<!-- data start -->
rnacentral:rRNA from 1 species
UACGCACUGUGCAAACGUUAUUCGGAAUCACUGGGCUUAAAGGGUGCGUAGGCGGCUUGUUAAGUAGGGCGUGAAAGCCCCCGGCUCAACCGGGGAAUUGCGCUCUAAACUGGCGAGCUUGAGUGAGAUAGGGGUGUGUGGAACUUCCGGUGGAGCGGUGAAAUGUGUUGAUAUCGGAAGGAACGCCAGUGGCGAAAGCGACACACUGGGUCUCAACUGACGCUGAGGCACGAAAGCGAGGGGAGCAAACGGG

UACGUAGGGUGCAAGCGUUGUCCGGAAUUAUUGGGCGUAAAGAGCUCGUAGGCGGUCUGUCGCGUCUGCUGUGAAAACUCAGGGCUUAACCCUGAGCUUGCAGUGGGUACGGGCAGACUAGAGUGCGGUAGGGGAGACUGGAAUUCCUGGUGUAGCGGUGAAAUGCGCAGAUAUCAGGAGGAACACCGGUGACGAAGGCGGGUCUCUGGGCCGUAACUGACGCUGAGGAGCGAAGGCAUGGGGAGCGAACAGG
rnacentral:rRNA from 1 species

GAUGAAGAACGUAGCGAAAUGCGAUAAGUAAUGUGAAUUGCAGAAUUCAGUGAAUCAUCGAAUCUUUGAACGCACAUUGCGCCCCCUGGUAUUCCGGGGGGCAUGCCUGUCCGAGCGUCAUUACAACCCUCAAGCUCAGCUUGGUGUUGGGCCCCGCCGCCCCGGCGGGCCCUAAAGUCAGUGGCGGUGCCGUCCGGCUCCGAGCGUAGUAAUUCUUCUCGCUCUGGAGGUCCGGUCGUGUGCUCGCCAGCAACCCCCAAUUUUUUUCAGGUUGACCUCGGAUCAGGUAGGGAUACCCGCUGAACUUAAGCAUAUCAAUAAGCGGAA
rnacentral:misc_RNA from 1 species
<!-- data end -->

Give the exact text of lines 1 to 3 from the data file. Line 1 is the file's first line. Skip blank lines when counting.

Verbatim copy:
rnacentral:rRNA from 1 species
UACGCACUGUGCAAACGUUAUUCGGAAUCACUGGGCUUAAAGGGUGCGUAGGCGGCUUGUUAAGUAGGGCGUGAAAGCCCCCGGCUCAACCGGGGAAUUGCGCUCUAAACUGGCGAGCUUGAGUGAGAUAGGGGUGUGUGGAACUUCCGGUGGAGCGGUGAAAUGUGUUGAUAUCGGAAGGAACGCCAGUGGCGAAAGCGACACACUGGGUCUCAACUGACGCUGAGGCACGAAAGCGAGGGGAGCAAACGGG

UACGUAGGGUGCAAGCGUUGUCCGGAAUUAUUGGGCGUAAAGAGCUCGUAGGCGGUCUGUCGCGUCUGCUGUGAAAACUCAGGGCUUAACCCUGAGCUUGCAGUGGGUACGGGCAGACUAGAGUGCGGUAGGGGAGACUGGAAUUCCUGGUGUAGCGGUGAAAUGCGCAGAUAUCAGGAGGAACACCGGUGACGAAGGCGGGUCUCUGGGCCGUAACUGACGCUGAGGAGCGAAGGCAUGGGGAGCGAACAGG